My dearly beloved Bill, I want to call you Pastor Bill Gates, but you are not a pastor. Even though you are not a pastor, you have a heart purer and cleaner than most Nigerian pastors or even pastors anywhere in this world. You are not a pastor but you pay your tithe. Only in Nigeria, you have paid tithes amounting to $1.6 billion so far and you plan to increase your commitment.
The big question is why Nigeria? Why do you keep coming to Nigeria? Why do you love Nigeria so much, even when our leaders don’t love us and we don’t love ourselves? Why do you love the children of Nigeria? Why do you love the mothers of Nigeria, especially the pregnant mothers and the mothers who nurture little children?
As an evangelist and a computer guru who travels around the world doing good, you have “realized that billions of people had a problem that computers couldn’t solve. They lacked the basics of a good life: food, shelter, education, and opportunity. And so I started my second career with my wife Melinda. With the money I’d been lucky enough to earn at Microsoft, we started working toward a different goal: a healthy and productive life for everyone. That’s why I come to Nigeria, and that’s why Melinda and I will continue coming for as long as we are able. Our foundation’s biggest office is here.”
Every time you come to Nigeria, you feel so sad for a country that God has endowed with riches yet poverty spreads like an epidemic with only very few people having immunity against poverty. You came here armed with an appalling data which indicates that in Nigeria, life expectancy is so brief. In fact, the briefest on earth.
“From the point of view of the quality of life, much of Nigeria still looks like a low-income country,” you say. “Let me give a few examples. In upper middle-income countries, the average life expectancy is 75 years. In lower middle-income countries, it’s 68. In low-income countries, it’s 62. In Nigeria, it is lower still: just 53 years.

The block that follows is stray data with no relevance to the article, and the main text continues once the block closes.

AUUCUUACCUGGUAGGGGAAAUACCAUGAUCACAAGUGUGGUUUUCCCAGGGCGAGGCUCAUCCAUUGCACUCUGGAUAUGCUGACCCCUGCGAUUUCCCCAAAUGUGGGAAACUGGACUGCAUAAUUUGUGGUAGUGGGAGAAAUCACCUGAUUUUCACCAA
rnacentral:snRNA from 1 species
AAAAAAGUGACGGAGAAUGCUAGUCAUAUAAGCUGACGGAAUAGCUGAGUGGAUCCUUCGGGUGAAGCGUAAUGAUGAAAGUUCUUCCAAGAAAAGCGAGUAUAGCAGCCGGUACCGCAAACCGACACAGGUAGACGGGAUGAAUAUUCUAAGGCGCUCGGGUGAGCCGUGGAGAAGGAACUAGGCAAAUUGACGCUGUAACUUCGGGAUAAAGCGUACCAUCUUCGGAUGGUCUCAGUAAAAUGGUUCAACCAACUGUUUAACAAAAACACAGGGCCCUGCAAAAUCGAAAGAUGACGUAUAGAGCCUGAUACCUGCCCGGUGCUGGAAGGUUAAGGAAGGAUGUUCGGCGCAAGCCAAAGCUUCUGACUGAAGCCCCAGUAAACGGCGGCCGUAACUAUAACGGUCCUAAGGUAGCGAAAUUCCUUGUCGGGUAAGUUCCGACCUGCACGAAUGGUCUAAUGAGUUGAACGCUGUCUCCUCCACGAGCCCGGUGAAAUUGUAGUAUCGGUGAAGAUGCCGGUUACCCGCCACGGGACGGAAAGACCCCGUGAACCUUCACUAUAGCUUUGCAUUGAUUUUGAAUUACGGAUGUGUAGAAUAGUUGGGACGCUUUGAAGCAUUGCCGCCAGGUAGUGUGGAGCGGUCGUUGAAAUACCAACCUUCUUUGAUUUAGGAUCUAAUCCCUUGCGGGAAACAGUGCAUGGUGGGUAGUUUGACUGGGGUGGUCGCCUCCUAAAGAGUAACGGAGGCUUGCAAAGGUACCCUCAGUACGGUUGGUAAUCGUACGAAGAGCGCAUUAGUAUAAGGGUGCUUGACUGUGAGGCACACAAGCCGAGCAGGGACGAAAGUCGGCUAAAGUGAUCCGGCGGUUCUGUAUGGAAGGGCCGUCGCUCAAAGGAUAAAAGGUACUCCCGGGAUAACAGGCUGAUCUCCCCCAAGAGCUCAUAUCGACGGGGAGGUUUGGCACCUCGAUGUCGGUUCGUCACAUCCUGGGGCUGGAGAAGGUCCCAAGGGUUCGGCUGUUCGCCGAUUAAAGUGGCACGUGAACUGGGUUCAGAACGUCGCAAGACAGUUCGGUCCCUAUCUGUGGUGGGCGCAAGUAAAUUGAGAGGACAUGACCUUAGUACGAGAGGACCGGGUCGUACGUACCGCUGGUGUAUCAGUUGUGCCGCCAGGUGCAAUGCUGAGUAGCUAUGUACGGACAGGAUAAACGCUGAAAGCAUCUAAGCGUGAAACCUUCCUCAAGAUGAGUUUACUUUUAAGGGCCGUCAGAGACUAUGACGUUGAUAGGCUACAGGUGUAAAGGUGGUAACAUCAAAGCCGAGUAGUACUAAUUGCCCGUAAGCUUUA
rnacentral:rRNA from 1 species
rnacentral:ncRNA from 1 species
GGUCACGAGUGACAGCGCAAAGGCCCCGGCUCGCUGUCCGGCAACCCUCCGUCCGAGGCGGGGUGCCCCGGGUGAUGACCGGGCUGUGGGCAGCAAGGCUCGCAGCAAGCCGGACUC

“Nigeria is one of the most dangerous places in the world to give birth with the fourth worst maternal mortality rate in the world, ahead of only Sierra Leone, Central African Republic, and Chad. One in three Nigerian children is chronically malnourished.”
Every prophet of God knows that it is not easy to speak the truth. Truth is bitter. But it must be said! You told us how uncomfortable you feel telling the truth about Nigeria. Again, your words:
“I do not enjoy speaking to you this bluntly when you have been so gracious enough to invite me here. But I am applying an important lesson I learned from Alhaji Aliko Dangote. Recently, Aliko and I were having a conversation with several governors about their states official immunization rates. Aliko’s ways of stressing the importance of accurate data was to tell us ‘I didn’t get rich by pretending to sell bags of cement I didn’t have.’ I took from that that while it may be easier to be polite, it’s more important to face facts so that you can make progress.”
Let me end with a few quotable quotes from your sermon on Nigeria, particularly where you emphasize the need to invest more on people first: “To anchor the economy over the long term, investments in infrastructure and competitiveness must go hand-in-hand with investment in people. People without roads, ports, and factories can’t flourish. And roads, ports and factories without skilled workers to build and manage them can’t sustain an economy…Nigeria will thrive when every Nigerian is able to thrive.”
Once again, thanks Mr Bill Gates for telling us the truth. My prayer is that our leaders will have a deep rethink and act on all the things giving you nightmares about Nigeria, a beloved country that makes you cry.
Next week: Mairo Mandara, the woman between Bill Gates and Dangote.